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Clinical Preventive Services

There is great interest among providers and patients in the delivery of the full range of appropriate preventive care—screening tests for the early detection of disease, advice to help people change their risky health-related behaviors, and immunizations to prevent infections. These interventions have enormous potential to improve the health of the American people, but without careful assessment of what works and what doesn't, costs could be astronomical. This initiative will support two-to-four major new assessments of preventive services and updates of priority topics, providing targeted, timely information to help providers and patients make appropriate decisions on preventive services.

AHCPR also will sponsor the "Put Prevention into Practice" initiative, which creates and disseminates tools for providers, health systems, and patients to improve delivery and receipt of these preventive care recommendations.

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Centers for Education and Research Therapeutics (CERTs)

The recently-passed Food and Drug Administration Modernization and Accountability Act of 1997 includes new responsibilities for AHCPR. A level of $1,000,000 will allow AHCPR to make grants to support the establishment and operation of two Centers for Education and Research Therapeutics (CERTs). The CERTs will increase the awareness of new uses and risks of medical products; provide information to health care participants to help them use new products most effectively; improve the appropriate use of medical products by health professionals; and prevent adverse effects of medical products and the consequences of these effects.

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Improving the Quality of Children's Health

With the passage of the State Child Health Insurance Program (SCHIP) as part of the Balanced Budget Act of 1997, the Nation is once again focused on health care for children and adolescents, especially those in low-income families. The passage of SCHIP provides a landmark opportunity to develop and apply tools to measure and improve the quality of care for children in this country. This initiative will support:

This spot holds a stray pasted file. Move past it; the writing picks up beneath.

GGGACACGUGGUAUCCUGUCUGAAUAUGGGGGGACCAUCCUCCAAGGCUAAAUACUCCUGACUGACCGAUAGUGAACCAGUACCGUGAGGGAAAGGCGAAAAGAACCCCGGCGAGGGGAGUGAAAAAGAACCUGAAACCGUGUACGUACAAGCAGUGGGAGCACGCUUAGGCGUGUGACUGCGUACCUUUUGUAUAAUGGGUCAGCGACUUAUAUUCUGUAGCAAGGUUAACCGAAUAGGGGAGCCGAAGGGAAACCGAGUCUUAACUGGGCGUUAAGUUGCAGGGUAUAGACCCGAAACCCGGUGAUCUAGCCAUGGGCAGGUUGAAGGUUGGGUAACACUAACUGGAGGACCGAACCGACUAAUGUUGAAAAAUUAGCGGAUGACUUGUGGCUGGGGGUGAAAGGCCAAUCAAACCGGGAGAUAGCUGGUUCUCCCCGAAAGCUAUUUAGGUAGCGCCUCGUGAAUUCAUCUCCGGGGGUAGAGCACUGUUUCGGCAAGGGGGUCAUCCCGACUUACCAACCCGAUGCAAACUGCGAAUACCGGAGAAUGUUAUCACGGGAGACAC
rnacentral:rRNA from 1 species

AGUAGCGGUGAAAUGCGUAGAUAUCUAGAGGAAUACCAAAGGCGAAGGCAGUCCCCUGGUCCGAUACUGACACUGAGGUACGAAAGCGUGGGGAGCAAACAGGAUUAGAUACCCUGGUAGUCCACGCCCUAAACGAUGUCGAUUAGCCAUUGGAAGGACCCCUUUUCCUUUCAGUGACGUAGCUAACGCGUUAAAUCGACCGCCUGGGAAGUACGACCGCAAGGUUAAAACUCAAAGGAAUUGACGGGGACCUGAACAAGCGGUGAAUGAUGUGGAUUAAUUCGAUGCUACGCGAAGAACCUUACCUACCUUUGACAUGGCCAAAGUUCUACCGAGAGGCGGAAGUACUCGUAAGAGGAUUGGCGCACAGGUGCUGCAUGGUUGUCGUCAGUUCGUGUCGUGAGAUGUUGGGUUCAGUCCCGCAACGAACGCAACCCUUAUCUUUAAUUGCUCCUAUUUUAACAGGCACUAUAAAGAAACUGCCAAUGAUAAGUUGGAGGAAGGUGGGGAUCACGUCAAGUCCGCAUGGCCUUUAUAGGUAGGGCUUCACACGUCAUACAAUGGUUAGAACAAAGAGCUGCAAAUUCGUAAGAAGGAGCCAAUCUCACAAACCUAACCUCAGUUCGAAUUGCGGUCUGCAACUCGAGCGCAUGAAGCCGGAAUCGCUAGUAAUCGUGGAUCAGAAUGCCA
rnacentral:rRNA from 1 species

• Applied research and demonstrations to develop a toolbox of measures, instruments, and proven strategies to improve quality and outcomes of care.
  • Outcomes research on the most important challenges in children's health.
  • Research and evaluations on the impact of various State and local approaches to implementing the SCHIP legislation to identify evidence-based practices.
  • Dissemination of findings and technical assistance to states, providers, and communities about what works in improving child health.

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Medical Expenditure Panel Survey (MEPS)

MEPS funding totaling $27,800,000 is included in the fiscal year 1999 request. No other surveys provide the foundation for estimating the impact of changes on different economic groups or special populations of interest, such as the poor, elderly, veterans, the uninsured, or racial/ethnic groups. The data from MEPS will help reach the objective of assuring the long-term solvency and integrity of Medicare by providing information for analysis on financing implications of proposed changes to Medicare.

In fiscal year 1999, data collection will be ongoing for the MEPS Household Survey, the MEPS Medical Provider Survey, and the MEPS Insurance Component (which consists of the MEPS Health Insurance Plans Survey and a national employer health insurance survey). All of the MEPS components will be heavily engaged in survey-related activities directed to the following tasks: data editing, imputation, data preparation and data processing, development of estimation weights and variance estimation capabilities for the component surveys, preparation of public use tapes, and development of analytical and methodological reports.

Select MEPS for details from the justification.

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Current as of February 1998